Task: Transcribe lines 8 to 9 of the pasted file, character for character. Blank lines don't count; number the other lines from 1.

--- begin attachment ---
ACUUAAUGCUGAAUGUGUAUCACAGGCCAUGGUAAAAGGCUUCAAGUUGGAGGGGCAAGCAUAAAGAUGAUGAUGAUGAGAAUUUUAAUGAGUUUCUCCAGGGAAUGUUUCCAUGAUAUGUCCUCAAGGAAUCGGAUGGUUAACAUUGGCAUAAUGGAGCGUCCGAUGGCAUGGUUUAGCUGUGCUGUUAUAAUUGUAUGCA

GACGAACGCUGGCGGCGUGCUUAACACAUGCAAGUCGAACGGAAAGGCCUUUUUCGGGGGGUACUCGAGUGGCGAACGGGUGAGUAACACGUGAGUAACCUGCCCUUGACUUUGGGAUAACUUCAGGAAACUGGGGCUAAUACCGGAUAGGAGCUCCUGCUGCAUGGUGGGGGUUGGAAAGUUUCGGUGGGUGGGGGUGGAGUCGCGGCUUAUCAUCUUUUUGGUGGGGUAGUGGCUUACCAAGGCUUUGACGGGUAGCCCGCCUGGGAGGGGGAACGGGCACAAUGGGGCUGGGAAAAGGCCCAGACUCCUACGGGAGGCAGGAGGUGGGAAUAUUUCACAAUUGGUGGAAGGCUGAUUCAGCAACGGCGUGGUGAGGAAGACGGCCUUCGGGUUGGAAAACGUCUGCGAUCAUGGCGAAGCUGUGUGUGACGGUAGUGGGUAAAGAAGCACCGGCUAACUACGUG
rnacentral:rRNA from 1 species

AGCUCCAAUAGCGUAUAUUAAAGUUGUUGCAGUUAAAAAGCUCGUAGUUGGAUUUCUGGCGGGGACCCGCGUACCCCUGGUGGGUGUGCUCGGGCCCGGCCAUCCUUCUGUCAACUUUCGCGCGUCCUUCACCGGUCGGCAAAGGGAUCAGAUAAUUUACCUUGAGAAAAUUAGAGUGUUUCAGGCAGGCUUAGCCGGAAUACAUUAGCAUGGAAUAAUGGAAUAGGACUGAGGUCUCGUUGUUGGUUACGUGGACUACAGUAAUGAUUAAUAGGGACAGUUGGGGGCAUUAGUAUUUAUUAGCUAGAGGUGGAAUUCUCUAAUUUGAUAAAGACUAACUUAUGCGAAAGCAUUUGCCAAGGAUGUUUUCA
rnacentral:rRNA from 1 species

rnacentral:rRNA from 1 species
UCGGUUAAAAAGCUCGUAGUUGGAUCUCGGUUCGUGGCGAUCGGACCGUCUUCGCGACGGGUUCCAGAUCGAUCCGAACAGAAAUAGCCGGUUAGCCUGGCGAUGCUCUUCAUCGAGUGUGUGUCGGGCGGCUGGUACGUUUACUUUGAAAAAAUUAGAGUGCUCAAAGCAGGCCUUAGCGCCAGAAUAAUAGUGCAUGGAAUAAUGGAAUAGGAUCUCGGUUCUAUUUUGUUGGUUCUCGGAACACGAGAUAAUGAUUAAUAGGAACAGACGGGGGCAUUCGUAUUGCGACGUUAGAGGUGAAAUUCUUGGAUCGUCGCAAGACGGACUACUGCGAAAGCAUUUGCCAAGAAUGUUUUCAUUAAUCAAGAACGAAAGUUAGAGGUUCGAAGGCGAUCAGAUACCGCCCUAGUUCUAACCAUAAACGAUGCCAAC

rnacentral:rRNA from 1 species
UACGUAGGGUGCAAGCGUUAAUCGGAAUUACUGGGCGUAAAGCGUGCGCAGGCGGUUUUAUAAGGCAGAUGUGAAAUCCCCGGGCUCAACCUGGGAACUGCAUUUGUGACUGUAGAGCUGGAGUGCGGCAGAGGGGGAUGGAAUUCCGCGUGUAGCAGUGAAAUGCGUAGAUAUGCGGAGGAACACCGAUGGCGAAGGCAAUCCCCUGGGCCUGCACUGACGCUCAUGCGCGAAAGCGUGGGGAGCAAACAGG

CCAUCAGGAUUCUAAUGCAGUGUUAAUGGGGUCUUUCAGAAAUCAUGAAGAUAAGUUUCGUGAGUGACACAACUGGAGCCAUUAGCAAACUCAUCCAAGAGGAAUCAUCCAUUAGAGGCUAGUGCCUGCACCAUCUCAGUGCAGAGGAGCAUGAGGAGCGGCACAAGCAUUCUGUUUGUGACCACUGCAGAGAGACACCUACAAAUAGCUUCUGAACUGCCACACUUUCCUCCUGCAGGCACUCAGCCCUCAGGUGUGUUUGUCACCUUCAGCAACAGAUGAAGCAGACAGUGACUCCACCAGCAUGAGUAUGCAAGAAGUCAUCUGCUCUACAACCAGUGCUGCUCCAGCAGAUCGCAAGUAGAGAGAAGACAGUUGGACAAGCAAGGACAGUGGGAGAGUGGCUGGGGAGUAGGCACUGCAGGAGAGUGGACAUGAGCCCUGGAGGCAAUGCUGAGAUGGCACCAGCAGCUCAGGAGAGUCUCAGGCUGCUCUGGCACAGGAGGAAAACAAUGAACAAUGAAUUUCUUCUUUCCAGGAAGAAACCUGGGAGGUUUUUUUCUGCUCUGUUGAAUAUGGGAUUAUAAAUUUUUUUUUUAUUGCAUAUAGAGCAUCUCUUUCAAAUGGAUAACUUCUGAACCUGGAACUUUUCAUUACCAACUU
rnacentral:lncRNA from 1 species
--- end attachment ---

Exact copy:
rnacentral:rRNA from 1 species
UACGUAGGGUGCAAGCGUUAAUCGGAAUUACUGGGCGUAAAGCGUGCGCAGGCGGUUUUAUAAGGCAGAUGUGAAAUCCCCGGGCUCAACCUGGGAACUGCAUUUGUGACUGUAGAGCUGGAGUGCGGCAGAGGGGGAUGGAAUUCCGCGUGUAGCAGUGAAAUGCGUAGAUAUGCGGAGGAACACCGAUGGCGAAGGCAAUCCCCUGGGCCUGCACUGACGCUCAUGCGCGAAAGCGUGGGGAGCAAACAGG